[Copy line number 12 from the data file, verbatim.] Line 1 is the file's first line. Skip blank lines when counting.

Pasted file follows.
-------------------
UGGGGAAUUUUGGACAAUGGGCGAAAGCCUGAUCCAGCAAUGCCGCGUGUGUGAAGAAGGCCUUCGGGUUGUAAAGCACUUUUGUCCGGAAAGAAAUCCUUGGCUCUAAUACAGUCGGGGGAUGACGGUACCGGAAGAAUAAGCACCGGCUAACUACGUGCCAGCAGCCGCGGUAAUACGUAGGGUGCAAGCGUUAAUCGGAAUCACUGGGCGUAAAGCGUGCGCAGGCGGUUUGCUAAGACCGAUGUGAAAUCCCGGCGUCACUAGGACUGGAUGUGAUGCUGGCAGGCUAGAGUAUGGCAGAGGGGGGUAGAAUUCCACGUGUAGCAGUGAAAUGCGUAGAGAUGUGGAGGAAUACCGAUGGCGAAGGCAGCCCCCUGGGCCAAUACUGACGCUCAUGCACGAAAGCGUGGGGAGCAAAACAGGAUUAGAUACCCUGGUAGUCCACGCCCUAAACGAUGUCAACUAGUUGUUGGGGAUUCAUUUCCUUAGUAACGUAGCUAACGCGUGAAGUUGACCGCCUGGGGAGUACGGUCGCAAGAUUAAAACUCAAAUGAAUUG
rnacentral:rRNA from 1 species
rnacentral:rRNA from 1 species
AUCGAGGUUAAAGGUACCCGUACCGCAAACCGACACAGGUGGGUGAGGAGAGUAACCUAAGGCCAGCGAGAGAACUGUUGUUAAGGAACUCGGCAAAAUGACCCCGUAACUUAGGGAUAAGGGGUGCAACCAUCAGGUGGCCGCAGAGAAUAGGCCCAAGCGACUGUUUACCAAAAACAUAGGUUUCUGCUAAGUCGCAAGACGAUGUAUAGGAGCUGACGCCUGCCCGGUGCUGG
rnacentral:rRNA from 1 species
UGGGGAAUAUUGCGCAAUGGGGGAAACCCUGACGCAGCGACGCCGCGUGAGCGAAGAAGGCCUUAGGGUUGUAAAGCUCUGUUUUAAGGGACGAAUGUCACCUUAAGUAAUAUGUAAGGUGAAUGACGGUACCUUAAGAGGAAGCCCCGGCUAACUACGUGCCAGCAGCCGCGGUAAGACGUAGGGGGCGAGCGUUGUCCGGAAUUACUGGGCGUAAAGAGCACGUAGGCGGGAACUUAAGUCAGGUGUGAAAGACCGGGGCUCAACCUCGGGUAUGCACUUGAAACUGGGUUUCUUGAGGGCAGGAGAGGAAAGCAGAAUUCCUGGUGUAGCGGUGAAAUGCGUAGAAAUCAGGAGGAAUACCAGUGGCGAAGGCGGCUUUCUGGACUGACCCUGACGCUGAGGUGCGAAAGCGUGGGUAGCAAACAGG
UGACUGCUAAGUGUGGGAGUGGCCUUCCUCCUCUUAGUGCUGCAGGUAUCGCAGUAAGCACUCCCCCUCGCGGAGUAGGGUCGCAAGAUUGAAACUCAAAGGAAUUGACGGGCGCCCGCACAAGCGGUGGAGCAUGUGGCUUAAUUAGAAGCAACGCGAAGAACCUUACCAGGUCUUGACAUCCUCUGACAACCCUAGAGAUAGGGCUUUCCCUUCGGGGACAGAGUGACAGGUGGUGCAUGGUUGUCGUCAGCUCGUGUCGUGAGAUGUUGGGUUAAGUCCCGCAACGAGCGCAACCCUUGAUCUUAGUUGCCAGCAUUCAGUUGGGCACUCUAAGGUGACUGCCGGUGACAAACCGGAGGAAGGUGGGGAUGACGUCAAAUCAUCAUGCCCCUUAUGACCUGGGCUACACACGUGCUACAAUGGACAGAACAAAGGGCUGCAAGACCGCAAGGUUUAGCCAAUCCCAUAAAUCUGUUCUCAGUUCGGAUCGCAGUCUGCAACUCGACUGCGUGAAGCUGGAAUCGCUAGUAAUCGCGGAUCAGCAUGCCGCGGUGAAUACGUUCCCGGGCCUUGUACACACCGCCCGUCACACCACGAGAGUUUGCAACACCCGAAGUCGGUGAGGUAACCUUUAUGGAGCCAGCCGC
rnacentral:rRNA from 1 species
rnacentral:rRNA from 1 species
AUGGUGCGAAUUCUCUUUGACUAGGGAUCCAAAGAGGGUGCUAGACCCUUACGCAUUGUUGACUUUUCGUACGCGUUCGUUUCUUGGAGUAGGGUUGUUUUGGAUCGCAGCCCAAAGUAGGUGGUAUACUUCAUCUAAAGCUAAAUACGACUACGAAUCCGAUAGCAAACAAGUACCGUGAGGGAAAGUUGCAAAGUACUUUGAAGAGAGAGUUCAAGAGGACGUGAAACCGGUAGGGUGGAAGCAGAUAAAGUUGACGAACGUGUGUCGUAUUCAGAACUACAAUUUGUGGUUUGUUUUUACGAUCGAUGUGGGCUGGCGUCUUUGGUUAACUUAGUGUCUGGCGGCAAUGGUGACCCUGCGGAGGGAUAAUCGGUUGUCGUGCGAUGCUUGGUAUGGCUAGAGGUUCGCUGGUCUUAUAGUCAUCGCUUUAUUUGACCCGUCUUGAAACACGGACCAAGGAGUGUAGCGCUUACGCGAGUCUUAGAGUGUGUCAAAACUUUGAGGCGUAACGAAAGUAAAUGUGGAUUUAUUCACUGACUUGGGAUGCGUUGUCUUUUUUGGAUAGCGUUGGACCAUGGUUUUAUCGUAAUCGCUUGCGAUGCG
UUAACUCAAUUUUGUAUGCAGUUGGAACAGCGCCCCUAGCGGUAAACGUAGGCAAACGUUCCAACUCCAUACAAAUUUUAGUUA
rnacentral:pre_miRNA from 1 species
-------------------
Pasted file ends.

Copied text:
rnacentral:pre_miRNA from 1 species